It is not analogous to say I know ahead of time that if my son has a great day at school, he will get a nickel in his jar and ice cream at dinner. I know that's what I would do. But, maybe I forget. Or maybe, he forgets to tell me. I know that is my plan. To say God knows all, means God knows what is going to happen including what God will do. This is not what God would do, but what God absolutely will do. No other scenario is possible.

So, if God knows the whole drama before it plays out, then God isn't responding to things. God knew ahead of time Israel would rebel and abandon the covenant. God knew in advance how God would react. Yet, the wording of Amos 4 doesn't read with that certainty.

In verse 6, God recites a series of harsh punishments God has meted out to the people. "I gave you absolutely nothing to eat." Then at the end of the verse, God seems surprised. "Yet you did not return to Me" (HCSB).

So, God ramps up the divine discipline. "I withheld the rain; ... I sent rain on one city, but not on another." And again, the chagrined response, "Yet you did not return to Me" (end of v. 8. HCSB). Five times God tells of drastic ways He has punished the people. Find times, a frustrated God repeats, "Yet you did not return to Me."

Finally in verse 12 God says, "Therefore, Israel, that is what I will do to you." And God proceeds to inform the recalcitrant Israelites that there will be no more discipline from a distance. God is moving in. "Israel, prepare to meet your God" (end, v.12). That's a bit peculiar. Hasn't Israel already known God?

This whole monologue from the Lord sounds dramatic. It is like God is caught in a cause and effect situation and it does not seem that God is free to step out of it. God is reacting to Israel with the same anger a parent has when a child is completely disrespectful and disobedient. As a parent of young children, I can relate. But, I am not supposed to be able to relate to God. God is supposed to be above such pettiness.

What I see here is a personal, relational God, one who takes the relationship very seriously. I admit it is completely possible I am seeing implications in the text that are not there. Perhaps Amos 4:6-13 says nothing to indicate that God is surprised or caught off guard by Israel's sinfulness. Perhaps the belief that God knows the future as if it already happened is in tact with a reading of Amos.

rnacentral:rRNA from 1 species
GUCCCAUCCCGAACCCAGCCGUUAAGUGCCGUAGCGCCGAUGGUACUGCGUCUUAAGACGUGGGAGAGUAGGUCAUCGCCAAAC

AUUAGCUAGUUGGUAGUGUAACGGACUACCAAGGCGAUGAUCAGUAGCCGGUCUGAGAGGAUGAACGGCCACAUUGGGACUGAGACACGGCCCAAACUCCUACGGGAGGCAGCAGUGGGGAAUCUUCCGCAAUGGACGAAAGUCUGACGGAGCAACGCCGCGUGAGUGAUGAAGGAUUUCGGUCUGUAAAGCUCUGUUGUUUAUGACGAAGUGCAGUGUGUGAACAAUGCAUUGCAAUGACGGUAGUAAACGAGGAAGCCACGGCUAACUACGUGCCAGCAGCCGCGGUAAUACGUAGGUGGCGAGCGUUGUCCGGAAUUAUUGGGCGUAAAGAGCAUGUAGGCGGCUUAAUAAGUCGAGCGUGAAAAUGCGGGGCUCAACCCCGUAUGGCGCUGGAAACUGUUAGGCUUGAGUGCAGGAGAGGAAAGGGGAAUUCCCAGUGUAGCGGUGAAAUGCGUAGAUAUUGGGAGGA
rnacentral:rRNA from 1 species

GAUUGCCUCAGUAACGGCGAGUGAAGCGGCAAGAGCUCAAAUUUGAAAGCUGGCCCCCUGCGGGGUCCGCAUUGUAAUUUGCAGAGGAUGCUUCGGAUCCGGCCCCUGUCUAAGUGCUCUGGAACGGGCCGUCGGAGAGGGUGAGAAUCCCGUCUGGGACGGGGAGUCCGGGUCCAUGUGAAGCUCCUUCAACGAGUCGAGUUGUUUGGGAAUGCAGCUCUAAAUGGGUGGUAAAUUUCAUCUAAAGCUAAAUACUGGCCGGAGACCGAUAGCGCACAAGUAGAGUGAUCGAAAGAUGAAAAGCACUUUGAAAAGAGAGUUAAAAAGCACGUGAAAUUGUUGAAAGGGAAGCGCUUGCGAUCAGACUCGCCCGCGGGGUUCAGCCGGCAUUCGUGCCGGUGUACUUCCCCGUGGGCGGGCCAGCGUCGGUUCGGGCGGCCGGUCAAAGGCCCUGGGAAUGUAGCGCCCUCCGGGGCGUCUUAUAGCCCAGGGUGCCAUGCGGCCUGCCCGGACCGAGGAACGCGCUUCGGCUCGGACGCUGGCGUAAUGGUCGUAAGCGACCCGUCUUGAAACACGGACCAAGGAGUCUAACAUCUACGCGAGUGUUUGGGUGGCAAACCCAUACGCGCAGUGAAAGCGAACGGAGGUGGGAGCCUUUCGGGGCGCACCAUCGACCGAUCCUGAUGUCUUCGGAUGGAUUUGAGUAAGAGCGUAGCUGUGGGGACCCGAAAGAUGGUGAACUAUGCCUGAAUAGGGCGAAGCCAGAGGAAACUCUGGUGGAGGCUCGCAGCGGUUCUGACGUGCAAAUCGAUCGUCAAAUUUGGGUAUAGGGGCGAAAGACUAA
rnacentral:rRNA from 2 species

I would take issue with the notion that sovereignty = foreknowledge. I believe God is absolutely sovereign over the universe and especially over the ways of humans beings and the history of earth. I don't think God is ever out of control or that there are events that are beyond God's control. I don't think anything happens that God cannot handle.

But I also think God gives human beings free-will. That's what it means for us to be made in the image of God. The people of Israel could have chosen to be faithful to the covenant. They would have needed God's help to live as a faithful people, but they could have chosen to ask for that help and I believe God would have given it. All along the way, Israel had choices. As I read Amos, I see God confounded by their choices.

Does that mean God did not know their choices before they made them? I am not ready to go there. But, the question is intriguing.

"So the Lord God formed out of the ground each wild animal and each bird of the sky and brought each to the man, to see what he would call it" (Genesis 2:19, HCSB). Did God not know a turtle was a turtle? Did God have to wait and see what Adam would call it before God knew it was a turtle? God waited to see what the man would call each animal. Mmmm. God was frustrated each time Israel did not respond to God's discipline.

What does it mean about God, about time, about the future, about foreknowledge?

Tuesday, February 16, 2010

Ignoring God

The Ancient Israelites, the people of God, ignored their God and it led to drastic consequences. They continued ignoring God in spite of the drastic consequences. How bad did it get?

God imposed starvation ("cleanness of teeth ... lack of bread," Amos 4:6); and drought ("I also withheld the rain," v.7). Dramatic crop failures came from God (Amos 4:9); so too did suffering from disease, war, and domination at the hands of invading armies. God takes credit for all the pain (Amos 4:10-11). Even though it was awful, the wrath of God did not have its desired affect. Five times an exasperated God says, "Yet you did not return to me" (v.6, 8, 9, 10, 11). God brought about all this drama and to no avail.

I love the way Eugene Peterson renders these verses in The Message. A longing God says to Israel, "You never got hungry for me." "You never got thirsty for me; you ignored me." Three more times, he words it "you continued to ignore me." I am not always thrilled with that paraphrased version of scripture, but I think it really preaches in this case. When the people of God "hunger and thirst for God" and pay attention to God, life is good, very good.

When we hunger and thirst for other things, those things become idols, occupying the space God is supposed to have. We summarily ignore God, and life falls apart at that point.

It makes me think about the city of New Orleans. America built a large city below sea level with a lake on one side and the Mississippi Rive on the other. This city was built right next to the Gulf of Mexico - hurricane central. The poorest people of the city live in the low-lying, most vulnerable areas. And the city is known for partying (excessive drinking and women revealing their breasts so that they can build a collection of cheap beads).